Jay Toole, director of the Shelter Project at Queers for Economic Justice (QEJ), hero in the queer community, and legend in the NYC homeless shelter system, knows more about queer homelessness than anyone else in the city, and probably the country. Of medium height and build; hair sheared short to reveal the shape of her head and strong identification as butch; sporting an informal uniform of t-shirt, cargo pants and sneakers that epitomize her direct and no-barriers approach; Jay is quick to laugh, flirt, and let you know if your words sound like meaningless policy banter. Her focused energy blends with an easy-going playfulness and what I consider to be a truly unique love of people. Jay is thoughtful, warm, empathetic, inclusive, and generous with her time. She is better about staying in touch than anyone else I know in NYC; she believes in community and readily embraces community-building technology from Facebook and Myspace to Twitter and texting. And, at age 61, she just as eagerly wraps her arms around the latest in toys—an afternoon tucked away with her Playstation and Wii serves as ideal downtime.
But on this early Saturday morning in July sitting by the open kitchen window of the rent-stabilized apartment I share with my partner, Jay looks very tired and uncertain. We both know the gentle, warm breeze and peaceful surroundings will be short-lived. In a matter of hours the temperature gauge will soar and Jay’s cell phone will begin to burn a hole in the ozone as texts and calls pour in from the underbelly of the queer community. Across the city queers will be reaching out, all desperate to connect with the resource they know as Superbutch, and all of whom have one thing in common: They are poor. “You have to keep a hand out there,” Jay explains, “because someone will always reach for it.” The work of organizing support groups and training workshops for queer residents of the NYC homeless shelter system since 2004 has positioned her as the main and sometimes sole resource for queers who struggle with all aspects of homelessness and poverty. Jay paused, cutting short the last drag on her cigarette, her eyes snapping clear in a weave of urgency and love: “There are thousands of us in the shelters, and no one really knows, the community doesn’t really know, and people need help.” Throughout the country there are varying systems of homeless shelters and temporary housing, but NYC is the only location where a legal right to shelter exists. Currently, the New York City Department of Homeless Services (DHS) directly runs or administers under contract more than 200 shelters serving thousands of people each day within two main categories of homeless people: single adults and families.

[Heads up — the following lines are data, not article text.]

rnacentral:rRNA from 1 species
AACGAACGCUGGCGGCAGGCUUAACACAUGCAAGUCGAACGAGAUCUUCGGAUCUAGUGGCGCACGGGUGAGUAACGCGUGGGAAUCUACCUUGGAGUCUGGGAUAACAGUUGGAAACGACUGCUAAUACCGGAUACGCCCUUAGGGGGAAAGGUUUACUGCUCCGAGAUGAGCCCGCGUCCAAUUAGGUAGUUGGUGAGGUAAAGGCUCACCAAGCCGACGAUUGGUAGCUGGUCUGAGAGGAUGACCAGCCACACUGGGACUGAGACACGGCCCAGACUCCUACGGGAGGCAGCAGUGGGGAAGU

QEJ’s Shelter Project
The work of the Shelter Project at QEJ is focused on the single adult shelter system. Jay notes their accomplishments of the past five years with quiet pride, starting with the victory for homeless transgender people. It was a protracted process that involved building coalition with and securing the public support of other LGBT organizations; meeting with directors and staff at numerous shelters; meeting with local government leaders and representatives repeatedly; and it eventually resulted in the piloting of a transgender policy that provides homeless individuals of trans experience the right to self-determined placement through either the men’s or women’s side of the shelter system. While acknowledging the policy is just a first step in addressing the particular safety concerns that face homeless New Yorkers of trans experience, Jay notes: “We need to do more to let people know this policy exists. There should be notices posted in every shelter in the system because there are still so many trans people who are placed in shelters where they are not safe, and they don’t know they can choose.” Jay views the process as a win, both for trans homeless rights and for the broader queer community. This was an example of creating a campaign about an aspect of queer poverty and facilitating its development to include some of the mainstream queer organizations.